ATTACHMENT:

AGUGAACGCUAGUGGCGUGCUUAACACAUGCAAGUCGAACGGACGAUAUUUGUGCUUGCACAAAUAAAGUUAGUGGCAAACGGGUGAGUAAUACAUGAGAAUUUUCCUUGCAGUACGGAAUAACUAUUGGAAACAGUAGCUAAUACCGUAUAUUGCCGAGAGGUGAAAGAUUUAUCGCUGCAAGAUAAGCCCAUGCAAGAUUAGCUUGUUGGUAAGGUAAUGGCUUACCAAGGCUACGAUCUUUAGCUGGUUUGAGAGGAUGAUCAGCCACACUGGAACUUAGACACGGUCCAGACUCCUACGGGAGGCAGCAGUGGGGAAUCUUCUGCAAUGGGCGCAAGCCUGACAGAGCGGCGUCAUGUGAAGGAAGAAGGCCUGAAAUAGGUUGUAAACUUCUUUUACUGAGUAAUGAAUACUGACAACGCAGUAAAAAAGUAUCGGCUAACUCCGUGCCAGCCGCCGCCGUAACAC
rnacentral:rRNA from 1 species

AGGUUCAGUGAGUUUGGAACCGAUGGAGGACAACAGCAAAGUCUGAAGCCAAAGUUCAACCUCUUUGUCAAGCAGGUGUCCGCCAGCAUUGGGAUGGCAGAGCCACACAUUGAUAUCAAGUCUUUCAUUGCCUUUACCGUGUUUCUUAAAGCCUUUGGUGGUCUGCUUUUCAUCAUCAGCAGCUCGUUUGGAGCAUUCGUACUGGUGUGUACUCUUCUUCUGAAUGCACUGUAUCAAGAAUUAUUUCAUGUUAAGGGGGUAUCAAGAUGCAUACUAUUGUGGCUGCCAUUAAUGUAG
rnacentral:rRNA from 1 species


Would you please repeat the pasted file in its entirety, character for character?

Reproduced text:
AGUGAACGCUAGUGGCGUGCUUAACACAUGCAAGUCGAACGGACGAUAUUUGUGCUUGCACAAAUAAAGUUAGUGGCAAACGGGUGAGUAAUACAUGAGAAUUUUCCUUGCAGUACGGAAUAACUAUUGGAAACAGUAGCUAAUACCGUAUAUUGCCGAGAGGUGAAAGAUUUAUCGCUGCAAGAUAAGCCCAUGCAAGAUUAGCUUGUUGGUAAGGUAAUGGCUUACCAAGGCUACGAUCUUUAGCUGGUUUGAGAGGAUGAUCAGCCACACUGGAACUUAGACACGGUCCAGACUCCUACGGGAGGCAGCAGUGGGGAAUCUUCUGCAAUGGGCGCAAGCCUGACAGAGCGGCGUCAUGUGAAGGAAGAAGGCCUGAAAUAGGUUGUAAACUUCUUUUACUGAGUAAUGAAUACUGACAACGCAGUAAAAAAGUAUCGGCUAACUCCGUGCCAGCCGCCGCCGUAACAC
rnacentral:rRNA from 1 species

AGGUUCAGUGAGUUUGGAACCGAUGGAGGACAACAGCAAAGUCUGAAGCCAAAGUUCAACCUCUUUGUCAAGCAGGUGUCCGCCAGCAUUGGGAUGGCAGAGCCACACAUUGAUAUCAAGUCUUUCAUUGCCUUUACCGUGUUUCUUAAAGCCUUUGGUGGUCUGCUUUUCAUCAUCAGCAGCUCGUUUGGAGCAUUCGUACUGGUGUGUACUCUUCUUCUGAAUGCACUGUAUCAAGAAUUAUUUCAUGUUAAGGGGGUAUCAAGAUGCAUACUAUUGUGGCUGCCAUUAAUGUAG
rnacentral:rRNA from 1 species